The Bourbon Cake was passed down from her mother and my guess is the recipe is at least 100 years old. It could well be older. It’s a dense butter cake with raisins, nuts, and spices and like Dad’s eggnog and fruitcake it ages for a month and gets a weekly dose of bourbon. As children we were permitted a small slice, as adults we limit ourselves to a small slice: It’s that rich and that alcoholic.

The Bourbon Cake has become too much work for my mother. The batter is thick and heavy and she no longer has the strength, suppleness, or stamina to make it: I’ve inherited that task (made much easier with a stand mixer) and this coming weekend I’ll be making the cake using my mother stained note card. Between now and Christmas, I’ll carefully tend the cake, providing weekly does of bourbon, before finally cutting it into sixths and mailing the huge slices to my family and, if she’s lucky, my editor.

I’ve made Dad’s eggnog on occasion, but he also continues to make it sometimes so eggnog at Christmas is less predictable but always welcome. As for Dad’s fruitcake… well it’s gone if not forgotten.

Our traditions link us to each other and the past we share with our family, our friends, our ancestors, our culture. Whether those traditions are religious or sectarian, familial or cultural, they provide context for our lives and a framework for defining our selves. The acquisition of new traditions , the modification of those we know and love connects us to our current reality.

Happy Thanksgiving.

Posted by Kevin Weeks at 5:00 AM | Permalink



I’ve known Nelson my entire life. He and his wife Bernie were friends of my parents and I have been part of my social landscape from the day I was born. Although my siblings were fond of them, I think I especially liked, even loved, them and the liking was mutual.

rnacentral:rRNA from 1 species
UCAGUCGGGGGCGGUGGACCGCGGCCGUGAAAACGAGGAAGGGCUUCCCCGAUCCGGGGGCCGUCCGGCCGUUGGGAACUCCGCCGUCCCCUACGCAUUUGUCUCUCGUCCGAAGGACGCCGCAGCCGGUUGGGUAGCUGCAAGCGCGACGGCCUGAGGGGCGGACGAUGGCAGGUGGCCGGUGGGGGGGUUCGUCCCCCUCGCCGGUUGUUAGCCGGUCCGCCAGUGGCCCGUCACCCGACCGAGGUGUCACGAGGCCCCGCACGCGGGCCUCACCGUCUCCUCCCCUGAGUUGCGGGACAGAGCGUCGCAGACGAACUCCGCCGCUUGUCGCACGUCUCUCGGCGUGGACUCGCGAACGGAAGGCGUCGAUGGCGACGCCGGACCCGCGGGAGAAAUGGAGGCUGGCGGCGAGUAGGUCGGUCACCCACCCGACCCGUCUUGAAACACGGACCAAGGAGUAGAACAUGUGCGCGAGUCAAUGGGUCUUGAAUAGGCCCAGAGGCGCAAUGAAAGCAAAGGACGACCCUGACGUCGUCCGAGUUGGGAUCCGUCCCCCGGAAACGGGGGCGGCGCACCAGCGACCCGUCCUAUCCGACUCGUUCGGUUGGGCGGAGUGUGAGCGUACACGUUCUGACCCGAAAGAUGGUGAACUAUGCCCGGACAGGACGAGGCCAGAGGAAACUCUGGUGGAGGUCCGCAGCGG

RollsLast Friday Nelson died from cancer. He was pretty sick and at 82 had led a long and useful life and, I’m fairly sure, a generally happy life: There were too many smile lines in his face for him to have spent much time unhappy. I’ll miss him just as I’ll miss Bernie when her time comes. But life goes on and part of life is celebrating those who’ve died, so tomorrow I’ll be going to a memorial service for Nelson.
Here in the South many of us celebrate deaths by cooking and eating. The custom isn’t universal, but it is common. People bring bean casseroles, chicken and dumplings, macaroni and cheese, and pots of greens. They fry chicken and make biscuits and mold jello salads. They bake brownies and cookies and cakes and pies. There’s lots of sweet tea and coffee to wash the food down.
Folding tables are set up and paper plates and napkins and plastic forks and knives and spoons are laid out and the tables are loaded down with everything that is good and wholesome and gives us comfort.
People would stand about in couples and small groups, sometimes speaking soberly and sometimes laughing and joking and sometimes crying. Kids would run about under foot sneaking cookies and glad the service was over
These days, sadly, the fried chicken is too often the Colonel’s and potato chips replace the potato salad. The cookies come in a plastic package and cokes are more common than tea.
But the core of the event remains – a gathering of friends and family to celebrate someone’s past life and our own life with that most fundamental, elemental, and ancient of human social events. We gather to break bread.
So I made rolls.

Whole Wheat Beer Bread
2 tsp instant yeast
1 tbsp sugar
12 oz warm beer
2 1/4 c whole wheat flour
1 1/2 c bread flour — separated
1 1/2 tbsp butter — melted
2 tsp salt
1 ea egg
1 tbsp water
Using the paddle attachment on a stand mixer, thoroughly combine yeast, whole wheat flour, 1 1/4 cup bread flour, 2 teaspoons salt, and sugar. Add butter to warm beer and, with mixer running, pour beer into dry ingredients. As the dough forms swap paddle attachment for dough hook.
Knead for six minutes at medium speed. The dough should be slightly sticky but should clear the bowl. Add additional flour if needed. Dump dough onto a floured board and knead another minute or two until dough is fairly smooth (it won’t be as smooth as a pure white bread) and resilient. Allow to rest 5 to 10 minutes.